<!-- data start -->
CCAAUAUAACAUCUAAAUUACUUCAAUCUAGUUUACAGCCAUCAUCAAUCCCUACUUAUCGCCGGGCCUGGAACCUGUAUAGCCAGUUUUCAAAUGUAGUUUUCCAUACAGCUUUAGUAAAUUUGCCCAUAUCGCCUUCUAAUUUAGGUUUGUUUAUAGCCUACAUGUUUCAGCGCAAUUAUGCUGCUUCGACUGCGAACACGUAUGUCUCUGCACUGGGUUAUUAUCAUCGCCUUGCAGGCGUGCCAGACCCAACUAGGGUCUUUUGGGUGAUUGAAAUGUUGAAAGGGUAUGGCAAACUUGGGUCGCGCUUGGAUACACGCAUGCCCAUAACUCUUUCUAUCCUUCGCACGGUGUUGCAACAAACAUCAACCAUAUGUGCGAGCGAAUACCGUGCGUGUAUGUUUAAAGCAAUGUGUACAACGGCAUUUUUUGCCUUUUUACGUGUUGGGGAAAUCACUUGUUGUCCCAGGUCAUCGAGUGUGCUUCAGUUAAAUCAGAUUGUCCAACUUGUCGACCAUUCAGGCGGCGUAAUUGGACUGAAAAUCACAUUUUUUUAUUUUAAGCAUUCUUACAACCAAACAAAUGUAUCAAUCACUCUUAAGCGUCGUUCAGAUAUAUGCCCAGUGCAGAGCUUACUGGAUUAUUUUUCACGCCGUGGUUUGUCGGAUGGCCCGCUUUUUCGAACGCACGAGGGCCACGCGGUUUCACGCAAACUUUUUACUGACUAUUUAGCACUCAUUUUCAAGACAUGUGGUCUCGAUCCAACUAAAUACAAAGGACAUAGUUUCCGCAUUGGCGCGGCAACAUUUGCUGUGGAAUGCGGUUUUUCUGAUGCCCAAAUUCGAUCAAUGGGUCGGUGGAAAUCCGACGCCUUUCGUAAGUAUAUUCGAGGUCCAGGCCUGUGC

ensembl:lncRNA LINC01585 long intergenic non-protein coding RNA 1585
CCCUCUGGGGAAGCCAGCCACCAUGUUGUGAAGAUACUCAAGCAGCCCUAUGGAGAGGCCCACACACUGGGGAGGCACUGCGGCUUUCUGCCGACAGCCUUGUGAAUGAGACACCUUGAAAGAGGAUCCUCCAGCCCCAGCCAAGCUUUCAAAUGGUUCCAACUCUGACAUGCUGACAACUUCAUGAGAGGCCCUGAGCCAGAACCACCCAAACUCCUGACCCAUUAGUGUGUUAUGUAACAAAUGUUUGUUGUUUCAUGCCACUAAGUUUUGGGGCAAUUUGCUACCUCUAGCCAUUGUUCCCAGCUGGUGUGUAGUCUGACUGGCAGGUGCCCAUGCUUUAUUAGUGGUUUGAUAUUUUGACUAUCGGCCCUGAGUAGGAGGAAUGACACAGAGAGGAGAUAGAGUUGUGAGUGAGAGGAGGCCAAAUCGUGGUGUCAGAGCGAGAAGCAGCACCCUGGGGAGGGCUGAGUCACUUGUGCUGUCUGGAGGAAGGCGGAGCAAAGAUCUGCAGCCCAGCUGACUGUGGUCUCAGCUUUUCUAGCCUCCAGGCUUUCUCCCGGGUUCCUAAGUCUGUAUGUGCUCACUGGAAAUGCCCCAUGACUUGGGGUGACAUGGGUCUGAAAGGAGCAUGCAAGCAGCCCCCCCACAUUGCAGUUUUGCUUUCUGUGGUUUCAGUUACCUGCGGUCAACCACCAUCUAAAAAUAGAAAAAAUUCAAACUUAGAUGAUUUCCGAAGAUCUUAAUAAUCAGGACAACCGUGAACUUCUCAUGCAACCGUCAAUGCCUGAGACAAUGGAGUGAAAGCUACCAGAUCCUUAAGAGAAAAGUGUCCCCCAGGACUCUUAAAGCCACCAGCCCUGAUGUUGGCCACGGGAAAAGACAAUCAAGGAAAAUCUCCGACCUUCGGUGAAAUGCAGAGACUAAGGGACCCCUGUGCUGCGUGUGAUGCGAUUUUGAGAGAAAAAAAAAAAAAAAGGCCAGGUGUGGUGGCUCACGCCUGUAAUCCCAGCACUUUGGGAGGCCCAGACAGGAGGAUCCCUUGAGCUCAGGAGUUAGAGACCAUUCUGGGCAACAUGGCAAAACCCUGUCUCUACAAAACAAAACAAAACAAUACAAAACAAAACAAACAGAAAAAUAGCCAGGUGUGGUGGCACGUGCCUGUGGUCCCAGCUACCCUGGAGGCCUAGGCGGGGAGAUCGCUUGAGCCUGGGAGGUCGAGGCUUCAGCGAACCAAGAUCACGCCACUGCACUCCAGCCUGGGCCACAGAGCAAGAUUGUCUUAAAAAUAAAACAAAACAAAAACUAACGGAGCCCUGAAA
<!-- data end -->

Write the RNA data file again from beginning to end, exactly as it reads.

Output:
CCAAUAUAACAUCUAAAUUACUUCAAUCUAGUUUACAGCCAUCAUCAAUCCCUACUUAUCGCCGGGCCUGGAACCUGUAUAGCCAGUUUUCAAAUGUAGUUUUCCAUACAGCUUUAGUAAAUUUGCCCAUAUCGCCUUCUAAUUUAGGUUUGUUUAUAGCCUACAUGUUUCAGCGCAAUUAUGCUGCUUCGACUGCGAACACGUAUGUCUCUGCACUGGGUUAUUAUCAUCGCCUUGCAGGCGUGCCAGACCCAACUAGGGUCUUUUGGGUGAUUGAAAUGUUGAAAGGGUAUGGCAAACUUGGGUCGCGCUUGGAUACACGCAUGCCCAUAACUCUUUCUAUCCUUCGCACGGUGUUGCAACAAACAUCAACCAUAUGUGCGAGCGAAUACCGUGCGUGUAUGUUUAAAGCAAUGUGUACAACGGCAUUUUUUGCCUUUUUACGUGUUGGGGAAAUCACUUGUUGUCCCAGGUCAUCGAGUGUGCUUCAGUUAAAUCAGAUUGUCCAACUUGUCGACCAUUCAGGCGGCGUAAUUGGACUGAAAAUCACAUUUUUUUAUUUUAAGCAUUCUUACAACCAAACAAAUGUAUCAAUCACUCUUAAGCGUCGUUCAGAUAUAUGCCCAGUGCAGAGCUUACUGGAUUAUUUUUCACGCCGUGGUUUGUCGGAUGGCCCGCUUUUUCGAACGCACGAGGGCCACGCGGUUUCACGCAAACUUUUUACUGACUAUUUAGCACUCAUUUUCAAGACAUGUGGUCUCGAUCCAACUAAAUACAAAGGACAUAGUUUCCGCAUUGGCGCGGCAACAUUUGCUGUGGAAUGCGGUUUUUCUGAUGCCCAAAUUCGAUCAAUGGGUCGGUGGAAAUCCGACGCCUUUCGUAAGUAUAUUCGAGGUCCAGGCCUGUGC

ensembl:lncRNA LINC01585 long intergenic non-protein coding RNA 1585
CCCUCUGGGGAAGCCAGCCACCAUGUUGUGAAGAUACUCAAGCAGCCCUAUGGAGAGGCCCACACACUGGGGAGGCACUGCGGCUUUCUGCCGACAGCCUUGUGAAUGAGACACCUUGAAAGAGGAUCCUCCAGCCCCAGCCAAGCUUUCAAAUGGUUCCAACUCUGACAUGCUGACAACUUCAUGAGAGGCCCUGAGCCAGAACCACCCAAACUCCUGACCCAUUAGUGUGUUAUGUAACAAAUGUUUGUUGUUUCAUGCCACUAAGUUUUGGGGCAAUUUGCUACCUCUAGCCAUUGUUCCCAGCUGGUGUGUAGUCUGACUGGCAGGUGCCCAUGCUUUAUUAGUGGUUUGAUAUUUUGACUAUCGGCCCUGAGUAGGAGGAAUGACACAGAGAGGAGAUAGAGUUGUGAGUGAGAGGAGGCCAAAUCGUGGUGUCAGAGCGAGAAGCAGCACCCUGGGGAGGGCUGAGUCACUUGUGCUGUCUGGAGGAAGGCGGAGCAAAGAUCUGCAGCCCAGCUGACUGUGGUCUCAGCUUUUCUAGCCUCCAGGCUUUCUCCCGGGUUCCUAAGUCUGUAUGUGCUCACUGGAAAUGCCCCAUGACUUGGGGUGACAUGGGUCUGAAAGGAGCAUGCAAGCAGCCCCCCCACAUUGCAGUUUUGCUUUCUGUGGUUUCAGUUACCUGCGGUCAACCACCAUCUAAAAAUAGAAAAAAUUCAAACUUAGAUGAUUUCCGAAGAUCUUAAUAAUCAGGACAACCGUGAACUUCUCAUGCAACCGUCAAUGCCUGAGACAAUGGAGUGAAAGCUACCAGAUCCUUAAGAGAAAAGUGUCCCCCAGGACUCUUAAAGCCACCAGCCCUGAUGUUGGCCACGGGAAAAGACAAUCAAGGAAAAUCUCCGACCUUCGGUGAAAUGCAGAGACUAAGGGACCCCUGUGCUGCGUGUGAUGCGAUUUUGAGAGAAAAAAAAAAAAAAAGGCCAGGUGUGGUGGCUCACGCCUGUAAUCCCAGCACUUUGGGAGGCCCAGACAGGAGGAUCCCUUGAGCUCAGGAGUUAGAGACCAUUCUGGGCAACAUGGCAAAACCCUGUCUCUACAAAACAAAACAAAACAAUACAAAACAAAACAAACAGAAAAAUAGCCAGGUGUGGUGGCACGUGCCUGUGGUCCCAGCUACCCUGGAGGCCUAGGCGGGGAGAUCGCUUGAGCCUGGGAGGUCGAGGCUUCAGCGAACCAAGAUCACGCCACUGCACUCCAGCCUGGGCCACAGAGCAAGAUUGUCUUAAAAAUAAAACAAAACAAAAACUAACGGAGCCCUGAAA